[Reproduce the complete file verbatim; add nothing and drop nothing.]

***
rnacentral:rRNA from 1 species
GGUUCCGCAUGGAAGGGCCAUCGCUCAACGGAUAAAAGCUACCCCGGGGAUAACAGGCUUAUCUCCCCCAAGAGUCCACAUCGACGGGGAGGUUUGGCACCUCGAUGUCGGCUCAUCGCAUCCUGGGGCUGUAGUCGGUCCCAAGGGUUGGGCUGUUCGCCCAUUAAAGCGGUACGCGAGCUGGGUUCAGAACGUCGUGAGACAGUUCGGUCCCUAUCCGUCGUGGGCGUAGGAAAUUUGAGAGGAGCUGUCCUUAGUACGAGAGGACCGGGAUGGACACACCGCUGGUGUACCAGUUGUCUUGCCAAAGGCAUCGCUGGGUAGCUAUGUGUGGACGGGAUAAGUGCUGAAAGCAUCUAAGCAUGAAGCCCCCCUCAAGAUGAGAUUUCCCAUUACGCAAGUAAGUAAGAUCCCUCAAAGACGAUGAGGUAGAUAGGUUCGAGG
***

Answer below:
rnacentral:rRNA from 1 species
GGUUCCGCAUGGAAGGGCCAUCGCUCAACGGAUAAAAGCUACCCCGGGGAUAACAGGCUUAUCUCCCCCAAGAGUCCACAUCGACGGGGAGGUUUGGCACCUCGAUGUCGGCUCAUCGCAUCCUGGGGCUGUAGUCGGUCCCAAGGGUUGGGCUGUUCGCCCAUUAAAGCGGUACGCGAGCUGGGUUCAGAACGUCGUGAGACAGUUCGGUCCCUAUCCGUCGUGGGCGUAGGAAAUUUGAGAGGAGCUGUCCUUAGUACGAGAGGACCGGGAUGGACACACCGCUGGUGUACCAGUUGUCUUGCCAAAGGCAUCGCUGGGUAGCUAUGUGUGGACGGGAUAAGUGCUGAAAGCAUCUAAGCAUGAAGCCCCCCUCAAGAUGAGAUUUCCCAUUACGCAAGUAAGUAAGAUCCCUCAAAGACGAUGAGGUAGAUAGGUUCGAGG